WSF attachments are the latest malware delivery vehicle
Most users have by now learned not to open executable (.EXE), various MS Office, RTF and PDF files delivered via unsolicited emails, but malware peddlers are always trying out new ways to trick users, email filters and AV software.
Number of blocked emails containing malicious WSF attachments by month
According to Symantec, Windows Script Files (WSFs) are the latest file types to be exploited to deliver malware via email.
Why WSF attachments?
“WSF files are designed to allow a mix of scripting languages within a single file,” the researchers explain. “They are opened and run by the Windows Script Host (WSH). Files with the .wsf extension are not automatically blocked by some email clients and can be launched like an executable file.”
Add to this the fact that most users have never heard about WSF files and their interest is easily piqued, and you have a great malware delivery vehicle.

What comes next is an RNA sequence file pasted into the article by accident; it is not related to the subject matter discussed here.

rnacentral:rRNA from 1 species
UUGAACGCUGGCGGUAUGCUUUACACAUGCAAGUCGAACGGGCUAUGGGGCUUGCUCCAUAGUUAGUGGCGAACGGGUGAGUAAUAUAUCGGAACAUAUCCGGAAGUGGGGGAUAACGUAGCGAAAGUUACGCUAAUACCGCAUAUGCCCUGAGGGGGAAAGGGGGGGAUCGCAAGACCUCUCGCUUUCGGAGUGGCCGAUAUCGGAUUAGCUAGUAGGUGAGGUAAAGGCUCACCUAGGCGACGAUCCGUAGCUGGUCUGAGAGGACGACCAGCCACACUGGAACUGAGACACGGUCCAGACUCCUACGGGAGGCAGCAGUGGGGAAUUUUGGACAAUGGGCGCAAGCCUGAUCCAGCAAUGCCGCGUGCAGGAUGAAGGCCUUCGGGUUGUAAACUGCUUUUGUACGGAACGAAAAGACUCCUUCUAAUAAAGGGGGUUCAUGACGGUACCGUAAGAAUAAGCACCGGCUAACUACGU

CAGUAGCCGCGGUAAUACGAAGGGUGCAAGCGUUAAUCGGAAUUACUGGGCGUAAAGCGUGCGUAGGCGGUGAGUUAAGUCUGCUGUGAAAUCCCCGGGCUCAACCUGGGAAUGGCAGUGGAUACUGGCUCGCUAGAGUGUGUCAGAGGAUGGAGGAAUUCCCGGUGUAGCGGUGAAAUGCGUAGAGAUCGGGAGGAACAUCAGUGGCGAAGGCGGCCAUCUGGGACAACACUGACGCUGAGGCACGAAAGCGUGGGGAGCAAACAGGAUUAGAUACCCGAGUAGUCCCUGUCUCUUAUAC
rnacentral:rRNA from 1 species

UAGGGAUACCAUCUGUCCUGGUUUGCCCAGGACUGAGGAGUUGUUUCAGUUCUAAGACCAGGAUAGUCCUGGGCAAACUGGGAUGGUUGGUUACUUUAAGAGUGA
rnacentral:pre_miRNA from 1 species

According to the analysis of spam campaigns blocked by the company, the files come packed into .ZIP archives, attached in a wide variety of bogus emails (complaint letters, deliveries of travel itineraries, etc.).
Ransomware groups in particular have been employing this new tactic, and Locky is the malware that most users who fall for the trick are saddled with.
What to do?
Since time immemorial (or so it seems), email has been a means for attackers to gain access to accounts, endpoints, and networks.
Spear-phishing emails, laden with malware, malicious links, or false information continue to pass through defenses despite our best efforts, because attackers constantly change tack to find cracks in them.
“In a constantly shifting threat landscape, organizations need to remain vigilant and aware that threats can come from new and unanticipated sources,” the researchers note.
Users, on the other hand, must learn that any attachment or link that has been sent to them without being requested is a potential danger, and be extremely wary of opening them.